Friday, June 21, 2013

Steven Pinker on Aesthetics

Sometimes I tell people that all the interesting Canadians are from Montreal and offer as evidence jazz pianist Oscar Peterson, actor William Shatner and songwriter Leonard Cohen. I just noticed that another name I can add to the list is Steven Pinker, currently a cognitive scientist at Harvard and author of some challenging books such as The Blank Slate. He was recently interviewed by Steve Sailer for UPI and made the following comments about modernism and high culture:
Q: You argue that the modernist high culture and post-modernist criticism have, on the whole, failed to engage humanity's interest because they ideologically rejected basic truths about human nature. What are some of modern art's flaws?
A: My quarrel isn't with Modernism itself, but with the dogmatic versions that came to dominate the elite arts and bred the even more extreme doctrines of postmodernism. These movements were based on a militant denial of human nature, especially the idea that people are born with a capacity to experience aesthetic pleasure. Beauty in art, narrative in fiction, melody in music, meter and rhyme in poetry, ornament and green space in architecture, were considered bourgeois and lightweight, or products of mass-marketing. Instead, modernist and postmodernist art was intended to raise our consciousnesses, illustrate a theory, or shock us out of our middle-class stupor.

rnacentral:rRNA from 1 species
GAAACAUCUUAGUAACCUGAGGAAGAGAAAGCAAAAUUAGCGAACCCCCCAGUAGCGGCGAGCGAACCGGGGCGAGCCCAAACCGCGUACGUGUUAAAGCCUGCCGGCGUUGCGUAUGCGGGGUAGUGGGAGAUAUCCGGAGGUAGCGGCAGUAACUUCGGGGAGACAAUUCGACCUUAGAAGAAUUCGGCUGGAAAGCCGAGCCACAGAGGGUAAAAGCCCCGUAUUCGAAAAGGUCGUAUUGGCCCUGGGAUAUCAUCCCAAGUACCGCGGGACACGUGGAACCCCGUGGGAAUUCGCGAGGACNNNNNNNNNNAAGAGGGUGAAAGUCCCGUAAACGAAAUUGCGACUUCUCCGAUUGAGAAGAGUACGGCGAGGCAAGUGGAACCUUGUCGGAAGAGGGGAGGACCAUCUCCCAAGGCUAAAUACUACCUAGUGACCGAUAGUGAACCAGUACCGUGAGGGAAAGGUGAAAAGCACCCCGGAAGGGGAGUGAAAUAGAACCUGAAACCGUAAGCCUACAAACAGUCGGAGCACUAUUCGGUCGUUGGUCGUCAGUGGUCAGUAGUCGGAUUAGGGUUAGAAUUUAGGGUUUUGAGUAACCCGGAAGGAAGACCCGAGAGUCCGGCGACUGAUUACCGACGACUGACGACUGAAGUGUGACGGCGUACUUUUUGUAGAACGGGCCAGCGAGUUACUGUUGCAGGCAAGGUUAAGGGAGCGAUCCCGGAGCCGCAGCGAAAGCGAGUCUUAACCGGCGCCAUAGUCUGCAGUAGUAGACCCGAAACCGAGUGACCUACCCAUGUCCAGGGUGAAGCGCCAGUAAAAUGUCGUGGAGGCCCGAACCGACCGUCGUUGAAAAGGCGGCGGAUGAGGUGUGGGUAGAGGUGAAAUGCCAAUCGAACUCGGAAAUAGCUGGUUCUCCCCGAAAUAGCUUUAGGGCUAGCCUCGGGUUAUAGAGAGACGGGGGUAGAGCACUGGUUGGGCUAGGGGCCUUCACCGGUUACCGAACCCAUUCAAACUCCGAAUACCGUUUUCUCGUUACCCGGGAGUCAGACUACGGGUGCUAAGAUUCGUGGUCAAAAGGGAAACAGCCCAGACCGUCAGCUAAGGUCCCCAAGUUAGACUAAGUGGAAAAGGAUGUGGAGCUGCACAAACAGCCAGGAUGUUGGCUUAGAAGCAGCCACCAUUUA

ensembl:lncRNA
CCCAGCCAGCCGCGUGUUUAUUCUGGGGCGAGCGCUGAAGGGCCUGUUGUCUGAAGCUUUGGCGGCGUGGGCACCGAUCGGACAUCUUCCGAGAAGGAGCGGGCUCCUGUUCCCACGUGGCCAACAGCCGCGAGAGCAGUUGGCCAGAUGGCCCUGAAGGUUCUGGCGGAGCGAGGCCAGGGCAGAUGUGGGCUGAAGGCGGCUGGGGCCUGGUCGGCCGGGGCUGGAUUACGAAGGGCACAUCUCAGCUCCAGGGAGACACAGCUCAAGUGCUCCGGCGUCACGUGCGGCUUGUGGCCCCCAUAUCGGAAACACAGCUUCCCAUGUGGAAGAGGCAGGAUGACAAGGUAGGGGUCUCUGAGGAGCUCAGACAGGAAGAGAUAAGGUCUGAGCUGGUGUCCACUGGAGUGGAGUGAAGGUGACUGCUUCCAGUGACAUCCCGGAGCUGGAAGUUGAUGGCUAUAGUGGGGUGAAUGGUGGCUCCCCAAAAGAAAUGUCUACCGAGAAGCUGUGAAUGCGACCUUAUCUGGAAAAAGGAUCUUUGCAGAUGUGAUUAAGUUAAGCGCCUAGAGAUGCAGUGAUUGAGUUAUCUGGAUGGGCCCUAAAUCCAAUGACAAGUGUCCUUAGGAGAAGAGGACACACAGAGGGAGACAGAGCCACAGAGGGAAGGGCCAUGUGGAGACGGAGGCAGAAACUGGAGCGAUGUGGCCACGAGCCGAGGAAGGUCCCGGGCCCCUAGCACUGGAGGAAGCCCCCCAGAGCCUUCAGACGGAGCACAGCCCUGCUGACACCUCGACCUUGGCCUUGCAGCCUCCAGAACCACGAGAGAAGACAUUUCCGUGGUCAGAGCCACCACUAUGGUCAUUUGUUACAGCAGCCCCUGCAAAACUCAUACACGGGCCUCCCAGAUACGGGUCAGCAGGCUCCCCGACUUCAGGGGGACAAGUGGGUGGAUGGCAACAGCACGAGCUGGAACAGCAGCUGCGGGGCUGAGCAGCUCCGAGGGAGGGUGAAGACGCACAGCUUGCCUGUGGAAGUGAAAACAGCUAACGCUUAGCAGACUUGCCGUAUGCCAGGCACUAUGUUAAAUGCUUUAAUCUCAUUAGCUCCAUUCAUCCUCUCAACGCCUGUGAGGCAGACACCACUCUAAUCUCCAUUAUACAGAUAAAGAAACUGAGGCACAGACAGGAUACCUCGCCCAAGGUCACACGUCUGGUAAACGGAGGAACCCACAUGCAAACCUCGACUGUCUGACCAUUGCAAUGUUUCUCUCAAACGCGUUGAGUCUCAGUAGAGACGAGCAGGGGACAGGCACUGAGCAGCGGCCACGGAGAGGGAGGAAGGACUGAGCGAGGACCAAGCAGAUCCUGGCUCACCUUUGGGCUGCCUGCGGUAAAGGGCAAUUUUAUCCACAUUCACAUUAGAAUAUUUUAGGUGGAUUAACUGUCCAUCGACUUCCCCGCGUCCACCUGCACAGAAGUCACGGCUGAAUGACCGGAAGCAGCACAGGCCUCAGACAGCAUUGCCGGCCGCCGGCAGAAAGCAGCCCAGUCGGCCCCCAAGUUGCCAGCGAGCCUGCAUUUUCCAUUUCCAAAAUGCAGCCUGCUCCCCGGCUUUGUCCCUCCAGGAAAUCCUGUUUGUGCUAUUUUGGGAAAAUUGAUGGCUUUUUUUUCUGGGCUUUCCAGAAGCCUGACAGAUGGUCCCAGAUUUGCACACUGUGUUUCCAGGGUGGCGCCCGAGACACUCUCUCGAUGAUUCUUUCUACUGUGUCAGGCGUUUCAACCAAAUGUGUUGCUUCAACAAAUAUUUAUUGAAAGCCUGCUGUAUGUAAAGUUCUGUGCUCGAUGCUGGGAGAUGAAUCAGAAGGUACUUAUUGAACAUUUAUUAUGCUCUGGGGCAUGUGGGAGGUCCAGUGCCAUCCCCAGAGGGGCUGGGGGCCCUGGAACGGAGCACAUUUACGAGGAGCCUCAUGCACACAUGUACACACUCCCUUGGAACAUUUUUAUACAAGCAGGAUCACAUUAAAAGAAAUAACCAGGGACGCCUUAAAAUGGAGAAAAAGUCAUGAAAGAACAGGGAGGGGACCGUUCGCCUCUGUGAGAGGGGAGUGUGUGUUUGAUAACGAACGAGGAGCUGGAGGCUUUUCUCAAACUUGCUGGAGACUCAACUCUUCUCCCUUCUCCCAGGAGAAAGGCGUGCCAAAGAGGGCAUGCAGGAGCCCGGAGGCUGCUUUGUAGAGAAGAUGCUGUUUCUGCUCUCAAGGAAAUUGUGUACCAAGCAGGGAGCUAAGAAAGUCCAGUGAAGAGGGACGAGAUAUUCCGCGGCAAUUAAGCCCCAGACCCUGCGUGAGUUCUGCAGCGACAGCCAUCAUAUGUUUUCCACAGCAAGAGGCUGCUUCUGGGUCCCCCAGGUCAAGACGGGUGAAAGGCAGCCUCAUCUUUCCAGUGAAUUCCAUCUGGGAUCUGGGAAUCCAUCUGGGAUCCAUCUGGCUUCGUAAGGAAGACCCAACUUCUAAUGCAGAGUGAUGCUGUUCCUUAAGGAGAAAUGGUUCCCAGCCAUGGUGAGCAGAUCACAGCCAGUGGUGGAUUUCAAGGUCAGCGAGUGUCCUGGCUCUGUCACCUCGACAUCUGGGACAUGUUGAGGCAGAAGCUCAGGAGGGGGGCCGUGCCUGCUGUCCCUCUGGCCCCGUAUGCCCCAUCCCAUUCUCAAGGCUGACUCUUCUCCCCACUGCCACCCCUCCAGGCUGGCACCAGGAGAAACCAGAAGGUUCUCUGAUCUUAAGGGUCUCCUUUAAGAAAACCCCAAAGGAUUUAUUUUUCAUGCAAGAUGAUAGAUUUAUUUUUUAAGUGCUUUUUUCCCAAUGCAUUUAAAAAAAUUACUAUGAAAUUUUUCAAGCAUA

Q: Why, in contrast, did popular culture become so much more, well, popular?
A: Popular culture, to become popular, had to please people, and (at least at its best) it perfected engrossing plots, catchy rhythms and melodies and gorgeous fashions and faces.
I think that these points are ones that I have made pretty frequently on this blog. If you replace the concept of beauty with that of technical innovation, then you get modernism. Note that I say "replace" as in instead of beauty, we seek innovation. Anton Webern is an excellent example. If we do happen to perceive beauty in some of his music that is almost an accidental byproduct.

I tried to get back to a more beauty-oriented theory of aesthetics by reflecting on an essay by David Hume in this post.

One contemporary composer that was not afraid to revive the concept of beauty in his music was Philip Glass:

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